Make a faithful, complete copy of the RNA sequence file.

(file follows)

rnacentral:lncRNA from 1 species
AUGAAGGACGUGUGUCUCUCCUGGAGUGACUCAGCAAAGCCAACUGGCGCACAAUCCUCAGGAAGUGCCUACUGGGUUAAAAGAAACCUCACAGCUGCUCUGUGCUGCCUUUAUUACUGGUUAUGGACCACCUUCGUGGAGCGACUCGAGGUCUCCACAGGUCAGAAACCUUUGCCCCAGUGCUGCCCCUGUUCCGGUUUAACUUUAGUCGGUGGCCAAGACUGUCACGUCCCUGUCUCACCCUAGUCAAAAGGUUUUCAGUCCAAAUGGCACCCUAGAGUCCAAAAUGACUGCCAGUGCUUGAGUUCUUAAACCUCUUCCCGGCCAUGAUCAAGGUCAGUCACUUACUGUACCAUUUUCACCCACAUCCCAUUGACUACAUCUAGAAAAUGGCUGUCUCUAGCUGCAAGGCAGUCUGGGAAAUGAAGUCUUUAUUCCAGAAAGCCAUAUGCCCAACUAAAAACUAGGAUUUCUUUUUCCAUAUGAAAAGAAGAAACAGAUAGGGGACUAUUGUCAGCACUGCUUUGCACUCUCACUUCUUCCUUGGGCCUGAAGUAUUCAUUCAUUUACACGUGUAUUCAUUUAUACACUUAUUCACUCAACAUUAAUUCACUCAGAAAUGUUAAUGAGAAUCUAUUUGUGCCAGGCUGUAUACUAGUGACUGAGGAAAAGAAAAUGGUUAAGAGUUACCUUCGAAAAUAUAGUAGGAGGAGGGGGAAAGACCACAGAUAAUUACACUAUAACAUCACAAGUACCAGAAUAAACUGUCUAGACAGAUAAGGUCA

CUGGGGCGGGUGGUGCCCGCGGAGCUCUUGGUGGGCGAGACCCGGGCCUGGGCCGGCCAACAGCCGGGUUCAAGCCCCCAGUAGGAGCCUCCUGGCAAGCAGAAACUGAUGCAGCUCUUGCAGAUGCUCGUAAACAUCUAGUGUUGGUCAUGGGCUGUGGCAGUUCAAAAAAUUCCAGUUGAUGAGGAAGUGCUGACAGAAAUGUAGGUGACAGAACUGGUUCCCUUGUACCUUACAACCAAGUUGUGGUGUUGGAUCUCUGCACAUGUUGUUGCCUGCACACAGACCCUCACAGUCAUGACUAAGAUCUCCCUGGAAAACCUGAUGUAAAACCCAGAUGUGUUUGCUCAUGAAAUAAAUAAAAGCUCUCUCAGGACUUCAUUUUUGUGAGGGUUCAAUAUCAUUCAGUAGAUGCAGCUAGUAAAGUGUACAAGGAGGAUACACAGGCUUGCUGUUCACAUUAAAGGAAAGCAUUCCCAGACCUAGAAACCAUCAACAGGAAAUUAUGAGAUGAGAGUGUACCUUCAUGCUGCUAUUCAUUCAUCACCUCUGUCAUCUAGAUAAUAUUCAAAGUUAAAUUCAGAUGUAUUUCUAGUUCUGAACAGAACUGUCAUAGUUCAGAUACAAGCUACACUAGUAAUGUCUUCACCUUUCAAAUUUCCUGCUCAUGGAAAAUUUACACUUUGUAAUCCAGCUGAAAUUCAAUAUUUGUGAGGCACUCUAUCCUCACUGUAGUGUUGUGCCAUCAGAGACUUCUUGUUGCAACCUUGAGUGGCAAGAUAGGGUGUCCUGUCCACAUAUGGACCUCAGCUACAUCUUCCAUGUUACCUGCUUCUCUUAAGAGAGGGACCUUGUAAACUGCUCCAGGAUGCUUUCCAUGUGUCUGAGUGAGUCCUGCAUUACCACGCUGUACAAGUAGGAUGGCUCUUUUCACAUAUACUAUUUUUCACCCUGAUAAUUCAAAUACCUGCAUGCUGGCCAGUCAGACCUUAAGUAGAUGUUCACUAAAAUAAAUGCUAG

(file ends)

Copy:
rnacentral:lncRNA from 1 species
AUGAAGGACGUGUGUCUCUCCUGGAGUGACUCAGCAAAGCCAACUGGCGCACAAUCCUCAGGAAGUGCCUACUGGGUUAAAAGAAACCUCACAGCUGCUCUGUGCUGCCUUUAUUACUGGUUAUGGACCACCUUCGUGGAGCGACUCGAGGUCUCCACAGGUCAGAAACCUUUGCCCCAGUGCUGCCCCUGUUCCGGUUUAACUUUAGUCGGUGGCCAAGACUGUCACGUCCCUGUCUCACCCUAGUCAAAAGGUUUUCAGUCCAAAUGGCACCCUAGAGUCCAAAAUGACUGCCAGUGCUUGAGUUCUUAAACCUCUUCCCGGCCAUGAUCAAGGUCAGUCACUUACUGUACCAUUUUCACCCACAUCCCAUUGACUACAUCUAGAAAAUGGCUGUCUCUAGCUGCAAGGCAGUCUGGGAAAUGAAGUCUUUAUUCCAGAAAGCCAUAUGCCCAACUAAAAACUAGGAUUUCUUUUUCCAUAUGAAAAGAAGAAACAGAUAGGGGACUAUUGUCAGCACUGCUUUGCACUCUCACUUCUUCCUUGGGCCUGAAGUAUUCAUUCAUUUACACGUGUAUUCAUUUAUACACUUAUUCACUCAACAUUAAUUCACUCAGAAAUGUUAAUGAGAAUCUAUUUGUGCCAGGCUGUAUACUAGUGACUGAGGAAAAGAAAAUGGUUAAGAGUUACCUUCGAAAAUAUAGUAGGAGGAGGGGGAAAGACCACAGAUAAUUACACUAUAACAUCACAAGUACCAGAAUAAACUGUCUAGACAGAUAAGGUCA

CUGGGGCGGGUGGUGCCCGCGGAGCUCUUGGUGGGCGAGACCCGGGCCUGGGCCGGCCAACAGCCGGGUUCAAGCCCCCAGUAGGAGCCUCCUGGCAAGCAGAAACUGAUGCAGCUCUUGCAGAUGCUCGUAAACAUCUAGUGUUGGUCAUGGGCUGUGGCAGUUCAAAAAAUUCCAGUUGAUGAGGAAGUGCUGACAGAAAUGUAGGUGACAGAACUGGUUCCCUUGUACCUUACAACCAAGUUGUGGUGUUGGAUCUCUGCACAUGUUGUUGCCUGCACACAGACCCUCACAGUCAUGACUAAGAUCUCCCUGGAAAACCUGAUGUAAAACCCAGAUGUGUUUGCUCAUGAAAUAAAUAAAAGCUCUCUCAGGACUUCAUUUUUGUGAGGGUUCAAUAUCAUUCAGUAGAUGCAGCUAGUAAAGUGUACAAGGAGGAUACACAGGCUUGCUGUUCACAUUAAAGGAAAGCAUUCCCAGACCUAGAAACCAUCAACAGGAAAUUAUGAGAUGAGAGUGUACCUUCAUGCUGCUAUUCAUUCAUCACCUCUGUCAUCUAGAUAAUAUUCAAAGUUAAAUUCAGAUGUAUUUCUAGUUCUGAACAGAACUGUCAUAGUUCAGAUACAAGCUACACUAGUAAUGUCUUCACCUUUCAAAUUUCCUGCUCAUGGAAAAUUUACACUUUGUAAUCCAGCUGAAAUUCAAUAUUUGUGAGGCACUCUAUCCUCACUGUAGUGUUGUGCCAUCAGAGACUUCUUGUUGCAACCUUGAGUGGCAAGAUAGGGUGUCCUGUCCACAUAUGGACCUCAGCUACAUCUUCCAUGUUACCUGCUUCUCUUAAGAGAGGGACCUUGUAAACUGCUCCAGGAUGCUUUCCAUGUGUCUGAGUGAGUCCUGCAUUACCACGCUGUACAAGUAGGAUGGCUCUUUUCACAUAUACUAUUUUUCACCCUGAUAAUUCAAAUACCUGCAUGCUGGCCAGUCAGACCUUAAGUAGAUGUUCACUAAAAUAAAUGCUAG